“He is passionate about service, excellent at training students and lawyers, and loves mentoring students. Through partnering with him in the past, I have been impressed with his mentoring skills and how he models the highest levels of professionalism, respect, and client care, regardless of whether or not that client is paying for the help. I love that our students are going to learn that from him.”
Dore’s own motivation for public service began growing up in Durham and developed throughout law school, where he won numerous student pro bono awards. When an opportunity to join LANC’s Raleigh office opened he jumped at the chance to work under the tutelage of Victor Boone, a much-honored public interest attorney who spent his entire career at Legal Aid, and assist people experiencing domestic violence, elder abuse, housing insecurity, benefits denials, and more. “I found that work to be very appealing and very important. And it’s a passion that I’m excited to bring to Duke.”
Positions at Legal Aid flagship offices have gotten increasingly more competitive, and newly minted attorneys must not only demonstrate a commitment to public service, but be practice-ready, Dore said.
“Legal service organizations are looking for that new attorney who can show up and within a couple weeks of starting be polished enough to go to court. At Legal Aid, you’re interacting with clients who are going through the most difficult time of their lives, so you need both the hard skills to fiercely advocate their case and the soft skills to be able to establish trust with a domestic violence victim, a person who is facing eviction from their home, or a homeless veteran with undiagnosed PTSD. That’s what’s required to get hired now.”
To that end, Dore’s plans for the pro bono office include standardizing student training so all pro bono volunteers start their projects with a baseline level of client engagement skills.
“Some Duke students show up with well-developed soft skills. Others have less experience and need the space to practice. We want to set up any student who volunteers with the skills to be successful,” he said. “Ultimately if they’re successful in pro bono projects that’s going to make them better summer interns, whether they go to big law or public interest work, and better attorneys wherever they end up.”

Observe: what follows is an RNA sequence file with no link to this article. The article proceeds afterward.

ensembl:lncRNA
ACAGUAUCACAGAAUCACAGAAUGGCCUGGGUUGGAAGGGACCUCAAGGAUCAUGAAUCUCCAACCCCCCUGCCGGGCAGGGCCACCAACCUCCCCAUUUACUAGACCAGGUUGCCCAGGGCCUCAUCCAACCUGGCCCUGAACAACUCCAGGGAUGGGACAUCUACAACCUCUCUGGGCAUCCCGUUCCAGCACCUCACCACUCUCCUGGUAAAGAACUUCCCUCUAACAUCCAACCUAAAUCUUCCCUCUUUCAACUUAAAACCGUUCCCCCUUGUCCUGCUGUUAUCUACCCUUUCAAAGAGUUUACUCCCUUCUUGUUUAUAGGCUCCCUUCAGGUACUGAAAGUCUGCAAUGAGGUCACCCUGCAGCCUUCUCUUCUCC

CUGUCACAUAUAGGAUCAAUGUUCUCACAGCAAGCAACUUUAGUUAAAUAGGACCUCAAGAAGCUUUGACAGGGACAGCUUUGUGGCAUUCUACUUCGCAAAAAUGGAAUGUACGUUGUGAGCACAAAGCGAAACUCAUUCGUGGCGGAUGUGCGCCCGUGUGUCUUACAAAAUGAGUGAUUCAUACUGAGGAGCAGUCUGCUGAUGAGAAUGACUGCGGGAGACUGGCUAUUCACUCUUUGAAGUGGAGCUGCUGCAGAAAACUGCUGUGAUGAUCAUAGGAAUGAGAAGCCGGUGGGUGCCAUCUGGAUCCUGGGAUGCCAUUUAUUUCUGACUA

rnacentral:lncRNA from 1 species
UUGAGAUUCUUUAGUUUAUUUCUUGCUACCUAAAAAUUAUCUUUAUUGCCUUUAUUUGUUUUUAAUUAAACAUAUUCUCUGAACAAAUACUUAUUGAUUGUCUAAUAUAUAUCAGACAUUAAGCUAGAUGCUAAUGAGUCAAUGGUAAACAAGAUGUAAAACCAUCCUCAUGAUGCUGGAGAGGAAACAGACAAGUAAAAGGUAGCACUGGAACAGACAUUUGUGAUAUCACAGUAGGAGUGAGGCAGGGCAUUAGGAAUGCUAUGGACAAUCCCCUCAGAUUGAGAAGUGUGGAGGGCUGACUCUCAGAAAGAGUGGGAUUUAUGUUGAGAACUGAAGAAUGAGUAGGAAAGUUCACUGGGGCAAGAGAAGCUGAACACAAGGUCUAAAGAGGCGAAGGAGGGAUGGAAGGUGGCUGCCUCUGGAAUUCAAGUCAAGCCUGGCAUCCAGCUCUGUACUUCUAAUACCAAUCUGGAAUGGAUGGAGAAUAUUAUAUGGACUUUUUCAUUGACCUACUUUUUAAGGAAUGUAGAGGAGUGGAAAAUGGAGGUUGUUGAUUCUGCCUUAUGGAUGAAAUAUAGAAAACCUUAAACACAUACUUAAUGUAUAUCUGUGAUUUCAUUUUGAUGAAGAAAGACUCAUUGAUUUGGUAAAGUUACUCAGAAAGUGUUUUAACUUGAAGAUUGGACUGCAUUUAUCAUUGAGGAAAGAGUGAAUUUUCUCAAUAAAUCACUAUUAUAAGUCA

Dore’s hiring reflects one of the top priorities of James B. Duke and Benjamin N. Duke Dean Kerry Abrams: instilling a habit of service in students so they will continue to use their skills and privilege as lawyers to further access to justice throughout their careers.
At a recent Duke Law alumni event Dore was impressed by the number of graduates who told him pro bono work was the most meaningful part of their law school experience, and who continued to volunteer after embarking on their careers.
He’d like to see every Duke Law student participate in pro bono work: “That doesn’t mean everyone has to be a pro bono all-star, but I would love it if every student experienced a pro bono project by the time they graduate. Developing a sense of professional responsibility to do pro bono work is good for them, it’s good for Duke, and it’s absolutely critical for those clients who otherwise wouldn’t be able to access such high-quality legal services."
Indeed, the support of private co-counsel from Robinson Bradshaw’s appellate team helped tip the scales in Raleigh Hous. Auth. v. Winston, 376 N.C. 790, 855 S.E.2d 209 (2021), LANC’s recent victory for public housing residents, he noted.
“To have talented appellate attorneys bring their expertise to a pro bono case was not only transformative to our client, who was able to stay in her home but, more importantly, set precedent in North Carolina that protects thousands of low-income tenants,” Dore said. “Duke Law students can make the same impact when they graduate but the skills and values are nurtured now.”